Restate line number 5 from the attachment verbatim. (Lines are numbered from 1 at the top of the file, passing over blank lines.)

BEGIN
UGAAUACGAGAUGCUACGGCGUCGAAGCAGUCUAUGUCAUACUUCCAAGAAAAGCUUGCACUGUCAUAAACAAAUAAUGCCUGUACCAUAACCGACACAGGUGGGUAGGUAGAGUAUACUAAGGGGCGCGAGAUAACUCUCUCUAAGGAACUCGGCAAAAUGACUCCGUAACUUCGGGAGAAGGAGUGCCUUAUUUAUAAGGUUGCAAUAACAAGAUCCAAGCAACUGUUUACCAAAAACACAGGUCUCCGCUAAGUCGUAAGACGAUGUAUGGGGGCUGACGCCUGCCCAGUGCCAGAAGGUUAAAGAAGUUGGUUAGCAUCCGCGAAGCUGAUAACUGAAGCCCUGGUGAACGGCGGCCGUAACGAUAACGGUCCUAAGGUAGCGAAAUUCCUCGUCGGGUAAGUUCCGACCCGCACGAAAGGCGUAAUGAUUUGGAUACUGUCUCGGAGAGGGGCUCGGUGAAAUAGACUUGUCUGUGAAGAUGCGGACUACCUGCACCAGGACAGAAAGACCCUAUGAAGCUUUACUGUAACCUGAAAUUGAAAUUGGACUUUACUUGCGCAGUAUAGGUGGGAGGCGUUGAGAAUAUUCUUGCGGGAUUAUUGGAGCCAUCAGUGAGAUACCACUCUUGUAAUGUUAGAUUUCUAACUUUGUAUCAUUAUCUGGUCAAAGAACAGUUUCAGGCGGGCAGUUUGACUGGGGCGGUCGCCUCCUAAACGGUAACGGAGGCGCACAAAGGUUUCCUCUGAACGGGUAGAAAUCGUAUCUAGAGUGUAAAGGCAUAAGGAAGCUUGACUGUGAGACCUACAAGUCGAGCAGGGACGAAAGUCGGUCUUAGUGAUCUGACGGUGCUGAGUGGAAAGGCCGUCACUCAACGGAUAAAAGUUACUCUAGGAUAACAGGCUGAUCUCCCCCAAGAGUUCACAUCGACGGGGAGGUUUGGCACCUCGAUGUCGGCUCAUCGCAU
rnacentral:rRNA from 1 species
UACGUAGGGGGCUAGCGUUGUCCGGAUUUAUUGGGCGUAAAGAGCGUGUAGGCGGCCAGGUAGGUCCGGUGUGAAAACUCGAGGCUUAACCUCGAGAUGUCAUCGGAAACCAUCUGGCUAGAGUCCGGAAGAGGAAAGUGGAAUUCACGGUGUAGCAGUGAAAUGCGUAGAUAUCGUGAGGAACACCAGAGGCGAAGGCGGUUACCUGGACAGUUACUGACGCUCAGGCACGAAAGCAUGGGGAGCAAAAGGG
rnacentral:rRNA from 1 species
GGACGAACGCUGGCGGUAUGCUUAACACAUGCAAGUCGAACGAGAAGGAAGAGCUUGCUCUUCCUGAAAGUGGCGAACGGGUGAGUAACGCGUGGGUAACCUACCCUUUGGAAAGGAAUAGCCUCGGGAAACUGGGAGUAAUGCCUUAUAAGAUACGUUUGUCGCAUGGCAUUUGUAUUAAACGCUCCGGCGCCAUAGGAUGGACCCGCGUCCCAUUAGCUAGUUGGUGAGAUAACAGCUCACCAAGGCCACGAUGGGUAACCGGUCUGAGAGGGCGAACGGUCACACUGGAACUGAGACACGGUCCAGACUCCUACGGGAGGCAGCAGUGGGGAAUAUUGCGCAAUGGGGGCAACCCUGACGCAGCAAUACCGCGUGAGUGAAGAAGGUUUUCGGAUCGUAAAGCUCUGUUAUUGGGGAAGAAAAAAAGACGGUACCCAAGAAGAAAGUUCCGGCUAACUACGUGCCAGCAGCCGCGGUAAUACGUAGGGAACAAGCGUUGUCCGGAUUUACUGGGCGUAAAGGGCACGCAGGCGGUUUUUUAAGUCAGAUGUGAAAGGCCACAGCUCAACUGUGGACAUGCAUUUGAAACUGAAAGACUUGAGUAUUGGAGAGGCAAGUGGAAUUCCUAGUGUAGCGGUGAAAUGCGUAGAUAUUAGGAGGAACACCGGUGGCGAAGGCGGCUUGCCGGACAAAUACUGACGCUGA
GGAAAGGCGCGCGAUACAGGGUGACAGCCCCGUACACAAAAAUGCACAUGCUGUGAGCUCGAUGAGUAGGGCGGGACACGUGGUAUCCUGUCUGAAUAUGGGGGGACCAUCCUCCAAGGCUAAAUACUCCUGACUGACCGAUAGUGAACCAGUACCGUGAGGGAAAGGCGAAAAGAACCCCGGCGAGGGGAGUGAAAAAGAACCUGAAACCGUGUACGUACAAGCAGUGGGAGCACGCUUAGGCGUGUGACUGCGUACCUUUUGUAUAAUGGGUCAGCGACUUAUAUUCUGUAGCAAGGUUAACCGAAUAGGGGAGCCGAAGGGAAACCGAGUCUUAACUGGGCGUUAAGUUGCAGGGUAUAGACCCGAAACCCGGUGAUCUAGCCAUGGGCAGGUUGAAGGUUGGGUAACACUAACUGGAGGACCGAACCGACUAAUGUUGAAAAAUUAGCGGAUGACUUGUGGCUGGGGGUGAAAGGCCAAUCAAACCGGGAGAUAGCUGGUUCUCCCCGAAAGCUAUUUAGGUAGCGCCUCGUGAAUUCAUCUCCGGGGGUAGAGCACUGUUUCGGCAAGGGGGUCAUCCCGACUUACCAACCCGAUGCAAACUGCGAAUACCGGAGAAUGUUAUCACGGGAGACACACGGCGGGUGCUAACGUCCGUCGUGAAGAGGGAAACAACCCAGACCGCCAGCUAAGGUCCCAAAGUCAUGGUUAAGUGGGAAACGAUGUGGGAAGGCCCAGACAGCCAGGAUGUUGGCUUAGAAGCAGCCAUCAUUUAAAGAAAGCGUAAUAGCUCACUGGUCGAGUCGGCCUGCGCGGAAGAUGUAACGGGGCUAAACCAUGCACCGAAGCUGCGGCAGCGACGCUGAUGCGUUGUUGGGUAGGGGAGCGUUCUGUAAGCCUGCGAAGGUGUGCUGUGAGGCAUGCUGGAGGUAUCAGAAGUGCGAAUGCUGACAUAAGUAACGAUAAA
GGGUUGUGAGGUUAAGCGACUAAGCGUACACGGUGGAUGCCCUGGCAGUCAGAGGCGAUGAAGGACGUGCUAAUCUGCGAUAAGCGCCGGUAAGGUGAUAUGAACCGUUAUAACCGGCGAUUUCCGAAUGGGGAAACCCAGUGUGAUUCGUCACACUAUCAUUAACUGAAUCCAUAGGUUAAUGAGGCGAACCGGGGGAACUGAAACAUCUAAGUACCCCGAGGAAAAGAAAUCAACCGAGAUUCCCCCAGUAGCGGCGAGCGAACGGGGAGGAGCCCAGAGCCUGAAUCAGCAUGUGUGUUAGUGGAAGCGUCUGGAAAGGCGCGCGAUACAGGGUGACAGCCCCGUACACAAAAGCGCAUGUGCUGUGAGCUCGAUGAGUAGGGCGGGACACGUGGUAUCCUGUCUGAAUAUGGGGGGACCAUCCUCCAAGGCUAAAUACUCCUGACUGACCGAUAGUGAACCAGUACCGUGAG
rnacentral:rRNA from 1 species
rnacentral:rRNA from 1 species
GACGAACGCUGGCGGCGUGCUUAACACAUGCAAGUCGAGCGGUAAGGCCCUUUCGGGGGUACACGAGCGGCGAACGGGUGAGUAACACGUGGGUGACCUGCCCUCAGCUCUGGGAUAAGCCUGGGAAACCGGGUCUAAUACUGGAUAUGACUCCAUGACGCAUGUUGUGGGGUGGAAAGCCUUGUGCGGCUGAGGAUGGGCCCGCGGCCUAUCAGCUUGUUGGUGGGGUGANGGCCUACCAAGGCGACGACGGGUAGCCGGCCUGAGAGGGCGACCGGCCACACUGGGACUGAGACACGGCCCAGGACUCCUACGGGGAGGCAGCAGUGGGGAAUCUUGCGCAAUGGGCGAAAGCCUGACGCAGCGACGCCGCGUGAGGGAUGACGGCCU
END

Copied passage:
GGACGAACGCUGGCGGUAUGCUUAACACAUGCAAGUCGAACGAGAAGGAAGAGCUUGCUCUUCCUGAAAGUGGCGAACGGGUGAGUAACGCGUGGGUAACCUACCCUUUGGAAAGGAAUAGCCUCGGGAAACUGGGAGUAAUGCCUUAUAAGAUACGUUUGUCGCAUGGCAUUUGUAUUAAACGCUCCGGCGCCAUAGGAUGGACCCGCGUCCCAUUAGCUAGUUGGUGAGAUAACAGCUCACCAAGGCCACGAUGGGUAACCGGUCUGAGAGGGCGAACGGUCACACUGGAACUGAGACACGGUCCAGACUCCUACGGGAGGCAGCAGUGGGGAAUAUUGCGCAAUGGGGGCAACCCUGACGCAGCAAUACCGCGUGAGUGAAGAAGGUUUUCGGAUCGUAAAGCUCUGUUAUUGGGGAAGAAAAAAAGACGGUACCCAAGAAGAAAGUUCCGGCUAACUACGUGCCAGCAGCCGCGGUAAUACGUAGGGAACAAGCGUUGUCCGGAUUUACUGGGCGUAAAGGGCACGCAGGCGGUUUUUUAAGUCAGAUGUGAAAGGCCACAGCUCAACUGUGGACAUGCAUUUGAAACUGAAAGACUUGAGUAUUGGAGAGGCAAGUGGAAUUCCUAGUGUAGCGGUGAAAUGCGUAGAUAUUAGGAGGAACACCGGUGGCGAAGGCGGCUUGCCGGACAAAUACUGACGCUGA